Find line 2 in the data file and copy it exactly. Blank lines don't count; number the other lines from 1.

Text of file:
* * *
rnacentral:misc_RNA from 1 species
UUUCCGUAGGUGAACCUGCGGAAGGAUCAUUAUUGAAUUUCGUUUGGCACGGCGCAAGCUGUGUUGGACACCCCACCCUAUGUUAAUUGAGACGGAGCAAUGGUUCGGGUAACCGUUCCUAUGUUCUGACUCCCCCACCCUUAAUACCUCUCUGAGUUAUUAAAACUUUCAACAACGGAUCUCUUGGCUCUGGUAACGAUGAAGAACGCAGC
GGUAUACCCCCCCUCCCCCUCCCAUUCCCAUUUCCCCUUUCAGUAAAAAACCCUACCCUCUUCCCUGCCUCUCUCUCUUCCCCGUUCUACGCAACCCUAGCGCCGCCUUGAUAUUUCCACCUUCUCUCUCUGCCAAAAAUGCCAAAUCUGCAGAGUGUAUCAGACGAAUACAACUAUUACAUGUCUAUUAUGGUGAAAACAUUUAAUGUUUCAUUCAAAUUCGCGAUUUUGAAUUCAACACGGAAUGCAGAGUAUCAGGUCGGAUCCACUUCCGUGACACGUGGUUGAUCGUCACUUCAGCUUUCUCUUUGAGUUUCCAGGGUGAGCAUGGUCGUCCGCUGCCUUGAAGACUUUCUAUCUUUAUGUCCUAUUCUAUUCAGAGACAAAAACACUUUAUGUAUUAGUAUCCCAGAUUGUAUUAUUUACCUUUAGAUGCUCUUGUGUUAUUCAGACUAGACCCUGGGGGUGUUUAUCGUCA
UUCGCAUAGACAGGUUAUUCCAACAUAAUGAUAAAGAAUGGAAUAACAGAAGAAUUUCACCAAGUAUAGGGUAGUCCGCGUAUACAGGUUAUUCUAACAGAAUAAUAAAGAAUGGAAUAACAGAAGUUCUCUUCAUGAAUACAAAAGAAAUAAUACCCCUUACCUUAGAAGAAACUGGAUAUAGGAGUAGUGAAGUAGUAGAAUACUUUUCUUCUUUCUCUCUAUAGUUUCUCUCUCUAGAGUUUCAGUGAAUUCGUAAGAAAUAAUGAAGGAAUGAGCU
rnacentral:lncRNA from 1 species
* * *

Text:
UUUCCGUAGGUGAACCUGCGGAAGGAUCAUUAUUGAAUUUCGUUUGGCACGGCGCAAGCUGUGUUGGACACCCCACCCUAUGUUAAUUGAGACGGAGCAAUGGUUCGGGUAACCGUUCCUAUGUUCUGACUCCCCCACCCUUAAUACCUCUCUGAGUUAUUAAAACUUUCAACAACGGAUCUCUUGGCUCUGGUAACGAUGAAGAACGCAGC